Also, dirt. SO MUCH DIRT. That train needed a major bath.
That said, even ill and not dancing much, this was a really lovely evening full of Christmas cheer. Plus. since I wasn't dancing I was able to take pictures!

My parents in the Grand March--don't they look awesome?
Waltzing with my father

My parents during a galop

Decorating the refreshments room
Although both my mother's and my bodices were both made with the same Truly Victorian pattern, we ended up with very different bodices I think. Mom used the puffed sleeves from the pattern, but I decided to forgo sleeves. I also added a 3 inch band of velvet to the bottom of my bodice, similar to fashion plates like this:

The bodice has a contrasting band of plaid and pleats at the bottom
Of course, the most obvious difference is that Mom's bodice and overskirt were the same blue and gold fabric, while my overskirt and bodice were almost inverse (the bodice is plaid silk with velvet trim, and the overskirt is velvet with plaid trim). Mom also trimmed her bodice with gold lace and antique gold buttons she found (which both looked great!).

My overskirt plans had to be toned down a lot due to fabric constraints: I ended up without velvet I liked at the last possible moment, and my heart was absolutely set on I went shopping at JoAnns. I have to admit, I am really spoiled--they are so much more expensive than my local, independent fabric store! I could only justify splurging on two yards in the end, but managed to end up with three because it was the end of the bolt (hooray, a holiday miracle!). With less material than expected, my side panels are smaller than I think I would originally have wanted. I have some plans to improve the overskirt, though, with a plaid silk bow at the back and turning the leftover velvet into a train. In the meantime, this version worked for the ball!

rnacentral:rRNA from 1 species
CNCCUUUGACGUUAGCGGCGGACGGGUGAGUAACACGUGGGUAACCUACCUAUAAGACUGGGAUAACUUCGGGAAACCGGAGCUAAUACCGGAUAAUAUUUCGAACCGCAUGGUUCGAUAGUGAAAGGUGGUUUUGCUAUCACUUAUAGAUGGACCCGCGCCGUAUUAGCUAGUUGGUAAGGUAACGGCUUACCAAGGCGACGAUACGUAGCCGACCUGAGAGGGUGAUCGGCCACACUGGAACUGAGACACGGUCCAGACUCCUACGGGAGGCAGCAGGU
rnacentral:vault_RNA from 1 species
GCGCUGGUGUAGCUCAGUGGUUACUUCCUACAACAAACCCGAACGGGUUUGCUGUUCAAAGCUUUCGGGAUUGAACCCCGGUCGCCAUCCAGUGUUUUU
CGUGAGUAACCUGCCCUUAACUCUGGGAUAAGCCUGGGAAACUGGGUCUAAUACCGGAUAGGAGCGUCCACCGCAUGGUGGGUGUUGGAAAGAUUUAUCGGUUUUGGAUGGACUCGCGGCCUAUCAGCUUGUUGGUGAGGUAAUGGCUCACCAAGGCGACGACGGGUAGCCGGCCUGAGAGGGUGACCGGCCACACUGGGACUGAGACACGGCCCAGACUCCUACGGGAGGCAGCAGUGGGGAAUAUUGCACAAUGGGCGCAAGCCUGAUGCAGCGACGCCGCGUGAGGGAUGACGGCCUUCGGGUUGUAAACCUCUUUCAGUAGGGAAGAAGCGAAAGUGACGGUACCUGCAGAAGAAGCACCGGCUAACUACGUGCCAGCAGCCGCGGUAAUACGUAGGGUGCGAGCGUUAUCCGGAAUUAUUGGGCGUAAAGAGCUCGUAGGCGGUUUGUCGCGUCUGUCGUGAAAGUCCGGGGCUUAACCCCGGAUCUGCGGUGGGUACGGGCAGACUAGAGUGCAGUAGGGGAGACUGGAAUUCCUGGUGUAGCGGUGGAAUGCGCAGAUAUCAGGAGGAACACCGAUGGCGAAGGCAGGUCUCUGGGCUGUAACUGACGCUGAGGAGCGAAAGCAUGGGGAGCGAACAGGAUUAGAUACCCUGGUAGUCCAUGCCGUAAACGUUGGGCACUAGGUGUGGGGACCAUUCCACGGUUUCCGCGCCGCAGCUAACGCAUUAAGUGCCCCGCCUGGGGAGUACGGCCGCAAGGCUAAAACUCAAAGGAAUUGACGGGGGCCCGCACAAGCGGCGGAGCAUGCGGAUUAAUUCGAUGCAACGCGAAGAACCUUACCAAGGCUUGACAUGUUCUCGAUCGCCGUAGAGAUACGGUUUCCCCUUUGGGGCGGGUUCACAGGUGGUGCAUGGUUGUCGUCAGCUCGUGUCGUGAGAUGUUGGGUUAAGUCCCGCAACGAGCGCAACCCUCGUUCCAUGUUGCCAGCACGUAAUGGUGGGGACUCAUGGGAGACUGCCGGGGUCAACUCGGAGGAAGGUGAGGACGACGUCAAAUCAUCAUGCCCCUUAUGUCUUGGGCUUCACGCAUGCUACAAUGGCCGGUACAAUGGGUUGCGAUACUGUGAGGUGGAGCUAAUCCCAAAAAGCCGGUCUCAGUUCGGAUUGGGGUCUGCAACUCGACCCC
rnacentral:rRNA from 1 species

Like many of my fashion plate inspirations, I trimmed the overskirt panels in plaid cut on the bias, as opposed to the bodice which is cut on the grain. I actually really like the contrast there! Figuring out how to make those work turned into quite a headache (I was tired and not thinking well), but I'm really pleased with the final result.

Fashion plate pose!

I have to say, I think I have the 1870s bug. I felt so elegant in this, and I can't wait to make the day bodice so I can swan around some more. It was also really nice to work on this with my mother, and I look forward to future adventures with her...she's already brainstorming for next year!

Happy Holidays, everyone! No matter what you celebrated (if anything), I hope it was wonderful!